How to Know If your Child Has Vision Problems

A Story About Losing my Sh%!; the 5 Second Rule

Every experience a preschooler has is an opportunity for growth and development. Parents should closely watch their toddlers for any delays in development, as they may signal eyes issues. Toddlers with vision problems often face difficulties in recognizing shapes, colors, letters and numbers. It is when a child develops visual abilities it will need in school and throughout its life. Read this blog to learn more about vision and eye health of toddlers and how you can spot the telltale signs of vision problems. 

How Is My Child’s Vision Affected?

The clarity and health of the eye lens determine whether your toddler has good vision and eye health. Prolonged exposure to digital screens and an unhealthy diet impact eye health negatively. Here are some of the most common vision and eye health problems that affect children – 

Myopia (Nearsightedness)

Myopia (nearsightedness) causes blurry vision of distant objects. It is often hereditary and begins after age four when the eyes grow rapidly. Corrective eyeglasses or contact lenses are used to correct it and it is noted on the optical prescription by a negative sign.

Astigmatism (Incorrectly Curved Cornea)

When the eyeball is not perfectly round, it leads to astigmatism. Light entering a normal eye is bent evenly for clear vision, but a curved cornea or eyeball causes it to bend more in one direction. Since the light does not focus on the retina properly, it leads to blurry vision, especially at a distance. 

Anisometropia (Unequal Refractive Power in Both Eyes)

Anisometropia occurs when vision in one eye is different from vision in the other eye due to refractive error. Headache or dizziness are a part of its symptoms, and corrective lenses can be used to correct it. 

Amblyopia (Lazy Eye)

Amblyopia is a type of poor vision that occurs in just one eye and is less common in both eyes. There is a breakdown in how the brain and the eye work together, and the brain cannot recognize sight from one eye. The doctor may advise your child to use eye drops or wear an eye patch to retrain the brain and force it to use the weaker eye. 

Strabismus (Squint/Cross Eyes)

The most common form of strabismus is called “cross eyes”, and it occurs when both the eyes do not line up in the same direction. The two eyes, thus, do not look at the same object. Treatment may include glasses, patching, medication or surgery. 

What are the Warning Signs of Eye Health Issues in Your Child?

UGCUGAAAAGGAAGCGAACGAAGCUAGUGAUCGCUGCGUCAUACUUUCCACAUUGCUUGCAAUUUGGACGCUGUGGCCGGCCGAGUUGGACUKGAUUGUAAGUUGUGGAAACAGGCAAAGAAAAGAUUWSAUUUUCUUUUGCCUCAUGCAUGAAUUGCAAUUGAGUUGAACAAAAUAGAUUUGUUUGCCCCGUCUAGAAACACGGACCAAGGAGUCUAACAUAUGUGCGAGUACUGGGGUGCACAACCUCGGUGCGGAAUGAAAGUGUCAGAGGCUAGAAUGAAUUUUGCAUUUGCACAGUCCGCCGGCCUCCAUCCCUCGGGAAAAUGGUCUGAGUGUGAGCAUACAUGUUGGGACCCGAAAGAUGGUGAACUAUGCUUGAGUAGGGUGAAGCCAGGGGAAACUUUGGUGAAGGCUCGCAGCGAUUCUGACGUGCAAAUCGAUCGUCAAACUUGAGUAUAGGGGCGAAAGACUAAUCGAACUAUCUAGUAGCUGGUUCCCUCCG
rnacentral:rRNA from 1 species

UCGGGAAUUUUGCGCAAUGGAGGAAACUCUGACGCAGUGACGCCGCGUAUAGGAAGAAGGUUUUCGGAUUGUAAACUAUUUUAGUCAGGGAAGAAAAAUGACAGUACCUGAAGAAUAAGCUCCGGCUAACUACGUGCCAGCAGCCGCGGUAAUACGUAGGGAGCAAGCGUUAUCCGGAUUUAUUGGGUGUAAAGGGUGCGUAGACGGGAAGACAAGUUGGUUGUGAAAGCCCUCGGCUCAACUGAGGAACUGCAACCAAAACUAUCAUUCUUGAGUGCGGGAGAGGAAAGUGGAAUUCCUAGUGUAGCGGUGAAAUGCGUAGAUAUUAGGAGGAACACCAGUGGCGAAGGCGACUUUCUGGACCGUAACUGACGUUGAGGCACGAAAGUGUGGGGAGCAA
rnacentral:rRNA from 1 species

Early detection of vision and eye health problems has a better chance of being treated successfully.

  • Up to One Year of Age

A baby older than three months should follow an object, like a toy, with their eyes as it moves across their line of sight and have stable vision. Most babies’ eyes occasionally look misaligned before four months. However, inward crossing or outward drifting after four months is usually abnormal.

  • Pre-schoolers

Since eyes issues like Amblyopia may have no warning signs, you must get your child’s vision checked regularly. Some tests can check your child’s vision even before they can read. Get in touch with your ophthalmologist for more details.

  • Older Children

If you notice any of the below eye health issues, let your child’s doctor know – 

    • Eyes that look crossed, turn out or don’t focus together
    • Eyes that often appear overly sensitive to light
    • Greyish white or white color in the pupil
    • Drooping eyelids and watery eyes
    • Eyes that flutter quickly up and down or from side to side
    • Crust or pus in either eye or dry eye
    • Eye pain, discomfort, itchiness or redness

Learning Disabilities and Vision Problems in Children 

Though learning disabilities are not vision problems, learning-related vision problems and learning disabilities may coexist. Seek help if your child – 

  1. Frequently showcases poor handwriting
  2. Constantly behaves inappropriately in social situations
  3. Reverses letters while reading or writing
  4. Does not verbally express itself
  5. Has difficulty with writing or math
  6. Consistently mistakes his right for his left or vice versa

Why Regular Eye Examinations are Important

Whether in the classroom or at home, school requires intense vision involvement. Vision and eye health issues may make it difficult for your child to concentrate and learn. Regular eye health examinations are vital for your child’s overall development. An ophthalmologist can spot any vision and eye health issues early on. The earlier your child is treated, the better it will be. 

Wrapping Up

As children grow, their eyes change quickly. Get an eye health exam every two years to spot any vision and eye health problems early. Since many eye health conditions are hereditary, know your family history. Ensure your child wears protective gear while playing outdoors and cleans their hands regularly to avoid the risk of infections like pink-eye. Finally, ensure your child eats a healthy diet and maintains the optimum weight to stay healthy overall. Taking care of your child’s eyes in childhood may lead to a lifetime of eye health. 

Author Bio:

Aaron Barriga is the online marketing manager for Insight Vision Center. With a knack for understanding medical procedures and an interest in eye and vision health, Aaron loves to share what he knows and what he learns. He blogs to inform readers about the latest eye care technology and other topics related to eye care, especially LASIK. Aaron loves collecting coasters from the different bars and restaurants he visits during his travels.

Receive the latest news

Subscribe To Our Weekly Newsletter